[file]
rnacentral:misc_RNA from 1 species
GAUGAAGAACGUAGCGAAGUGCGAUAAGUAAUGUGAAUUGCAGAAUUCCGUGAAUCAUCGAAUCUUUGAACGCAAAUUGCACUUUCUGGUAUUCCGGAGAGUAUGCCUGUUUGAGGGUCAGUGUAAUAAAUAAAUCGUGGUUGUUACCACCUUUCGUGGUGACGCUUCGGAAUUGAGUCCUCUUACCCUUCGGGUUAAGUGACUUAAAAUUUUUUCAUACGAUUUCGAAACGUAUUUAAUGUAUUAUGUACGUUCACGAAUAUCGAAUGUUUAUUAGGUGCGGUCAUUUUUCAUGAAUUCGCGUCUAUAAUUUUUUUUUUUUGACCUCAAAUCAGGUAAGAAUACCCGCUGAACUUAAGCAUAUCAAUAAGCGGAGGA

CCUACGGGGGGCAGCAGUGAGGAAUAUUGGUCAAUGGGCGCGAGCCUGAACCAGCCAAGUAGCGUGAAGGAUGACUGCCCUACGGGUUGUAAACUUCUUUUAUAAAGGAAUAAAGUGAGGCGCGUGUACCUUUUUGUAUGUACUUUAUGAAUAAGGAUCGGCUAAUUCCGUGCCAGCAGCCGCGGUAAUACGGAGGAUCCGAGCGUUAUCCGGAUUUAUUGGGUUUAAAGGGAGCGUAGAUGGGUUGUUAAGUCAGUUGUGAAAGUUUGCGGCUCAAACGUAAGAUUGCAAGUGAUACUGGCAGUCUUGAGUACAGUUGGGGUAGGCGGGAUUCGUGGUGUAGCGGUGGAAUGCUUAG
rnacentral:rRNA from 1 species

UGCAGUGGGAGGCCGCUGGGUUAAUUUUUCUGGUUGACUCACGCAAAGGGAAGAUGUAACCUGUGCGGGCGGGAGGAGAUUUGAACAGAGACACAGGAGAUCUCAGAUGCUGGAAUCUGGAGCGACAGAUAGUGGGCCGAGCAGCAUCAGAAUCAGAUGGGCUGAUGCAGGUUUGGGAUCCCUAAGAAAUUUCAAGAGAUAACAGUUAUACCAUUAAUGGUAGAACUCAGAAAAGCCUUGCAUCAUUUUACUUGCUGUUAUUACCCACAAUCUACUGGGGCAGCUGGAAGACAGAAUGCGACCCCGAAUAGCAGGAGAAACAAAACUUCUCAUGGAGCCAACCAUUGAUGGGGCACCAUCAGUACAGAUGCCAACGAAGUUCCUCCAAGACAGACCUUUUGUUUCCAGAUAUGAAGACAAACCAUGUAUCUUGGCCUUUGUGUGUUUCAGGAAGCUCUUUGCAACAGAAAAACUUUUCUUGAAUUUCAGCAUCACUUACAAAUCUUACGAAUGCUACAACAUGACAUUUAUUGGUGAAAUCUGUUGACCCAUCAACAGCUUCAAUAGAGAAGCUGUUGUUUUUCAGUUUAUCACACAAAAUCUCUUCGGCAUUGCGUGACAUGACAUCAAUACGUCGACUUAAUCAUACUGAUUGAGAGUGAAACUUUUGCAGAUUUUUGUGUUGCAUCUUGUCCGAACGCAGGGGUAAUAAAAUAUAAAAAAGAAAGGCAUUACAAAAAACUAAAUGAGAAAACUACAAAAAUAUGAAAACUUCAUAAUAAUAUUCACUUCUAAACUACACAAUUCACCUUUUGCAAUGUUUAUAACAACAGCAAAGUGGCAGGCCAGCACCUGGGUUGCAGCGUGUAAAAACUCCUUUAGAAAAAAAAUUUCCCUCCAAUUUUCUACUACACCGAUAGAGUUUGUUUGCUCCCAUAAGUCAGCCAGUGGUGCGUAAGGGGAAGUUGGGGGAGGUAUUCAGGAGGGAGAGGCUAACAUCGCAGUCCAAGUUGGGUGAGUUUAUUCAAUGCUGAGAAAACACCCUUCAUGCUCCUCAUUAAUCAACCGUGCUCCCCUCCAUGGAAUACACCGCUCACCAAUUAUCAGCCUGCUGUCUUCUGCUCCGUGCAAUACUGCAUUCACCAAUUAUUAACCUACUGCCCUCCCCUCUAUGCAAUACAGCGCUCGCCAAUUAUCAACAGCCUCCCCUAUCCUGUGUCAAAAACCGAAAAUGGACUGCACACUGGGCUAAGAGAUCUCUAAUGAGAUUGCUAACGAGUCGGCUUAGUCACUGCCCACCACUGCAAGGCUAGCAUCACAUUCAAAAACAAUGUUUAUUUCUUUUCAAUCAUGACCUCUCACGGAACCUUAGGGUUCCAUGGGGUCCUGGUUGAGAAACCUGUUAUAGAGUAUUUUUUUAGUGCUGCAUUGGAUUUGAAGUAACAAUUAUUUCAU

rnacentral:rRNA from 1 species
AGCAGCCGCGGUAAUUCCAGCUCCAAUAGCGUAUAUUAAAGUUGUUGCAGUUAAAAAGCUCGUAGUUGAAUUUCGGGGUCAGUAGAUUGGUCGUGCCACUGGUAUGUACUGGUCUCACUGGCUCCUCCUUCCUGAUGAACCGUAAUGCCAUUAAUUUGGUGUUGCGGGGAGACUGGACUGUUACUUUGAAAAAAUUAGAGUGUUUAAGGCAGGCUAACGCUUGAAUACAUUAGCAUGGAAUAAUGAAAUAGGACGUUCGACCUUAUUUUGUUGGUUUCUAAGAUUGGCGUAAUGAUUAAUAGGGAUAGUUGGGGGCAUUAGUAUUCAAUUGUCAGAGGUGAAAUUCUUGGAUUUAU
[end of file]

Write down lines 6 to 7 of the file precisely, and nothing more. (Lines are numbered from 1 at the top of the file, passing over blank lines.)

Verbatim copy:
rnacentral:rRNA from 1 species
AGCAGCCGCGGUAAUUCCAGCUCCAAUAGCGUAUAUUAAAGUUGUUGCAGUUAAAAAGCUCGUAGUUGAAUUUCGGGGUCAGUAGAUUGGUCGUGCCACUGGUAUGUACUGGUCUCACUGGCUCCUCCUUCCUGAUGAACCGUAAUGCCAUUAAUUUGGUGUUGCGGGGAGACUGGACUGUUACUUUGAAAAAAUUAGAGUGUUUAAGGCAGGCUAACGCUUGAAUACAUUAGCAUGGAAUAAUGAAAUAGGACGUUCGACCUUAUUUUGUUGGUUUCUAAGAUUGGCGUAAUGAUUAAUAGGGAUAGUUGGGGGCAUUAGUAUUCAAUUGUCAGAGGUGAAAUUCUUGGAUUUAU